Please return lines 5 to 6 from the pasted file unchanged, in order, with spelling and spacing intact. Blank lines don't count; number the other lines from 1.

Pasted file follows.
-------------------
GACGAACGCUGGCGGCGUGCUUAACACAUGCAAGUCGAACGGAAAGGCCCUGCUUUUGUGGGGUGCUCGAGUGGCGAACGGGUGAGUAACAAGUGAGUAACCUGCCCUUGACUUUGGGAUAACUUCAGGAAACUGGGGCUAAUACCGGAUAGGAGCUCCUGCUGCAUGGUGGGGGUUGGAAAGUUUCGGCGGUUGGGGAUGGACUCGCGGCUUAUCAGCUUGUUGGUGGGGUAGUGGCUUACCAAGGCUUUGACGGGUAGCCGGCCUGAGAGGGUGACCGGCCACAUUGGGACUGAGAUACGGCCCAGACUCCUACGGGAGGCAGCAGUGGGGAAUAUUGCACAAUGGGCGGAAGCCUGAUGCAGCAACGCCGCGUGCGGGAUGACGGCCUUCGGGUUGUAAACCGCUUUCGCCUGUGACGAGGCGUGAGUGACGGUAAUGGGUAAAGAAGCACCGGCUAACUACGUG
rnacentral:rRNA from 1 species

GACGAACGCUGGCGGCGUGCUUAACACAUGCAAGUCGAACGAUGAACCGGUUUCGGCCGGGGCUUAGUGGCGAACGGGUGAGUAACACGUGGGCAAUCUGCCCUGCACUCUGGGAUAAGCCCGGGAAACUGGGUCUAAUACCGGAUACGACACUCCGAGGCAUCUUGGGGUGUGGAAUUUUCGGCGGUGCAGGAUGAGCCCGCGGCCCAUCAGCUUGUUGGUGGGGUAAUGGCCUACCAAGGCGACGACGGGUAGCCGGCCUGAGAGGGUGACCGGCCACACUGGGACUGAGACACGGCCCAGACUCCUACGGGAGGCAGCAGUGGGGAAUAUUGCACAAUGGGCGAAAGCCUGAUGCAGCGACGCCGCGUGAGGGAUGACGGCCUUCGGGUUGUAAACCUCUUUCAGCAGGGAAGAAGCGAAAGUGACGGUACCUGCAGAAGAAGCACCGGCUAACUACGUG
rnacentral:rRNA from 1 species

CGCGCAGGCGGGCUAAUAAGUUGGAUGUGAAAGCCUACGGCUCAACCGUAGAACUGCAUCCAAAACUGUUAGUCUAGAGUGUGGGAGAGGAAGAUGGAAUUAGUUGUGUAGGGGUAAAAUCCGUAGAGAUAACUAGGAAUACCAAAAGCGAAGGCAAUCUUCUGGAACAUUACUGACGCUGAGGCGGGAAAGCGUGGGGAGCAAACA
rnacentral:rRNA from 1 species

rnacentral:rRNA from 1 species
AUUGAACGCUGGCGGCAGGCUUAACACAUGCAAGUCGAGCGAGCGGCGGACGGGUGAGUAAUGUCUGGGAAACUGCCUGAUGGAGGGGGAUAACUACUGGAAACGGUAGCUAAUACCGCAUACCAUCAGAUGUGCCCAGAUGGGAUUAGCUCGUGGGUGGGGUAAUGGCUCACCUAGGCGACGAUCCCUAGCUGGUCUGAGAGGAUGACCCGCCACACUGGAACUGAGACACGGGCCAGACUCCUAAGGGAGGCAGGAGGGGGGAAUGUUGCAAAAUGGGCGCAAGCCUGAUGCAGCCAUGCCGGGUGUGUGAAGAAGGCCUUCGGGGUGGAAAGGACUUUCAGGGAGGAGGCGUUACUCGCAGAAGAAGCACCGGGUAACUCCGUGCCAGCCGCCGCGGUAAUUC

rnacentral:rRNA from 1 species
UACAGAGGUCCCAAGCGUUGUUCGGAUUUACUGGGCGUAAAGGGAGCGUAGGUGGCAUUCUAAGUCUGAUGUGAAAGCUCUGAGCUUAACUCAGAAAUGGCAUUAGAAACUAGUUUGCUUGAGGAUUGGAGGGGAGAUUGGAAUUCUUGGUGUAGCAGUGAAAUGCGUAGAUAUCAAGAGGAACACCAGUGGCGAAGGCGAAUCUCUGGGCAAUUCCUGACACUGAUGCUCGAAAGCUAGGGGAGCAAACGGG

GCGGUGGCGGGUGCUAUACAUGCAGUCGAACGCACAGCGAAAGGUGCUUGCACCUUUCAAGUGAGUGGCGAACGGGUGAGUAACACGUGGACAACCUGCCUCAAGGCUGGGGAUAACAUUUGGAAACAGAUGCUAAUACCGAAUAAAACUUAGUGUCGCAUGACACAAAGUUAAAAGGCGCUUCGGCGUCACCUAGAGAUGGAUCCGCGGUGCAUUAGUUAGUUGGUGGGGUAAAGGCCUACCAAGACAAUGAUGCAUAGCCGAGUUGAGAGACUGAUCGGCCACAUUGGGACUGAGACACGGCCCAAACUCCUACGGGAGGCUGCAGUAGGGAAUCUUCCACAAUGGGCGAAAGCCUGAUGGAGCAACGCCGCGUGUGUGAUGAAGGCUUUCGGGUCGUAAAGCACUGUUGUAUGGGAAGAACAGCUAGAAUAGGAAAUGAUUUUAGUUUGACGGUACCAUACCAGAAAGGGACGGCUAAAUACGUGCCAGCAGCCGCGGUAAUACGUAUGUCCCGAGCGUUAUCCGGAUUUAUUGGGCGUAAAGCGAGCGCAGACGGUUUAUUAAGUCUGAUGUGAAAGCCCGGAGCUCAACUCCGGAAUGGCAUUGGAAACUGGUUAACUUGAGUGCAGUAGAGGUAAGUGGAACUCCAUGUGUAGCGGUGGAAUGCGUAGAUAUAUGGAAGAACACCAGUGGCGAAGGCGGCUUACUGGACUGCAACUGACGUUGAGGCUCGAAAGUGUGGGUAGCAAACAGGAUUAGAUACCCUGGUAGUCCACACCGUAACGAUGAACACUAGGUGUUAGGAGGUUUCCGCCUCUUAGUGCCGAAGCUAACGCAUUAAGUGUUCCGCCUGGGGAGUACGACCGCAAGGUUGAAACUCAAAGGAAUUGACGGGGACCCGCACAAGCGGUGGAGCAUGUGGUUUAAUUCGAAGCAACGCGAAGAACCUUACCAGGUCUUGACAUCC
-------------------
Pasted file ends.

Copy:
CGCGCAGGCGGGCUAAUAAGUUGGAUGUGAAAGCCUACGGCUCAACCGUAGAACUGCAUCCAAAACUGUUAGUCUAGAGUGUGGGAGAGGAAGAUGGAAUUAGUUGUGUAGGGGUAAAAUCCGUAGAGAUAACUAGGAAUACCAAAAGCGAAGGCAAUCUUCUGGAACAUUACUGACGCUGAGGCGGGAAAGCGUGGGGAGCAAACA
rnacentral:rRNA from 1 species